And be it further ordained by the authority aforesaid, that the postage of all letters, packets and despatches, to and from the different post offices within these United States, shall be at the following rates, in pennyweights and grains of silver, estimating each pennyweight as at present, at 5-90ths of a dollar, to wit: · For any distance not exceeding 60 miles, one pennyweight eight grains; upwards of 60, and not exceeding 100, two pennyweight; upwards of 100, and not exceeding 200, two pennyweight sixteen grains, and so on, 16 grains advance for every hundred miles; and for all single letters to or from Europe, by packet or despatch vessels, four pennyweight : the above rates to be doubled for double letters, trebled for treble letters, and a packet weighing an ounce, to be charged equal to four single letters, and in that proportion if of a greater weight: and to the foregoing rates shall be added a sum not exceeding 4-90ths of a dollar upon every letter, packet or despatch which shall come into the post office from beyond sea, by any other conveyance than packets or despatch vessels; and every letter, packet and despatch, except dead letters, may and shall be retained in the oifice where the same shall have arrived, which shall be nearest to the place of direction, until the postage thereon shall be paid.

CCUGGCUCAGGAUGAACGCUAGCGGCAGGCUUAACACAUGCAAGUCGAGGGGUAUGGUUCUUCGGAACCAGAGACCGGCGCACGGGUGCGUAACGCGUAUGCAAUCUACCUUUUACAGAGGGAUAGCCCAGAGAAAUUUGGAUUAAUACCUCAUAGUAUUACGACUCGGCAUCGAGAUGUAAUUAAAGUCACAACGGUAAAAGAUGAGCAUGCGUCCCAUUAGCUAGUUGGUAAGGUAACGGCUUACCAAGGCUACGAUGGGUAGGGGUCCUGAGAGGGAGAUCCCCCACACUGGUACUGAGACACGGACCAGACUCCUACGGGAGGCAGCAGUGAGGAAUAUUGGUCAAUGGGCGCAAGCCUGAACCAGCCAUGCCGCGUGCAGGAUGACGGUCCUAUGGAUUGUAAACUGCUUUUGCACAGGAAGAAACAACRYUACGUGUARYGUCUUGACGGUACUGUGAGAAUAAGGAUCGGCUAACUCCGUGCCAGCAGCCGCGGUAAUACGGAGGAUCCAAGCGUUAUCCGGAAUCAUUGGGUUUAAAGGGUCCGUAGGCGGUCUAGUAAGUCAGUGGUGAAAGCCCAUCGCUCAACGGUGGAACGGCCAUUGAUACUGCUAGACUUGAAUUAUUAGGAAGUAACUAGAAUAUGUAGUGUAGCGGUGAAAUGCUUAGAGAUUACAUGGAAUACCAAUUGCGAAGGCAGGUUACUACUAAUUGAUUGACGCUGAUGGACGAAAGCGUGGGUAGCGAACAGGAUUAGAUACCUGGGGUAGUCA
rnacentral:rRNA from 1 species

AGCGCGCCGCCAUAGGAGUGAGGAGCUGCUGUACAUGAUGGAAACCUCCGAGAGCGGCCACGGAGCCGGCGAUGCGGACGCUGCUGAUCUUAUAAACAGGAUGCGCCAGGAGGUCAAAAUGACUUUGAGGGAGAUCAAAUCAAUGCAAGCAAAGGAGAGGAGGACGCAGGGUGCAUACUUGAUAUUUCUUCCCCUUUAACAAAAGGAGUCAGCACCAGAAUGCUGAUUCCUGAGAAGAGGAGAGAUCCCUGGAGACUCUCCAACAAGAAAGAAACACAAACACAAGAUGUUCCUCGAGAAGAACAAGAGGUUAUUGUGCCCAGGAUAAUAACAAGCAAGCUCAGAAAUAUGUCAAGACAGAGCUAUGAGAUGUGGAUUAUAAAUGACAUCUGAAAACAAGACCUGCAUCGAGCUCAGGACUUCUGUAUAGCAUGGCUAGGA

And be it ordained by the authority aforesaid, that it shall and may be lawful for the postmaster general, or any of his deputies, to license every post-rider to carry any newspaper to and from any place or places within these United States, at such moderate rates as the postmaster general shall establish, he rendering the post-riders accountable to the post-master general, or the respective deputy post-masters by whom they shall severally be employed, for such proportion of the moneys arising therefrom as the post-master general shall think proper, to be by him credited to these United States in his general account.